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Periodical article Periodical article Leiden University catalogue Leiden University catalogue WorldCat catalogue WorldCat
Title:Health practices in Uganda
Author:Cowley, Peter
Periodical:Uganda Journal (ISSN 0041-574X)
Geographic terms:Uganda
East Africa
Subjects:health policy
medical history
health financing
Medicine, Nutrition, Public Health
Health services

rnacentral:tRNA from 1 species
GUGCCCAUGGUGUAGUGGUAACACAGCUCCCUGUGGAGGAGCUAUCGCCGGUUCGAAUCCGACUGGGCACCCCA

Abstract:For much of the time that Uganda was under British rule, the greatest threats to life were malaria, syphilis, and sleeping sickness. Today mortality rates from diseases which predominated a hundred years ago are still high. However, the similarity in disease mortality patterns now and in the late 1890s (though to a much lesser degree of severity) is also largely a result of the collapse of the health care and sanitation infrastructure, which was never adequate in the first place. Further progress towards mortality reduction is also impeded by the inability to control drug resistance, as evidenced by the widespread malaria resistance to chloroquine. A comparison of past and present treatments indicates that European practice in the late 1890s tended to concentrate on regulating bowel habits. One of the mainstays of treatment for the most common disease, then and now, was used during the 1890s, namely quinine for malaria. A brief overview of the history of payments for medical services in Uganda indicates that while cost-sharing is becoming more widespread in government hospitals today, one of the main components of the Ministry of Health's policy still is, as in the 1910s, the provision of services free of charge to the destitute.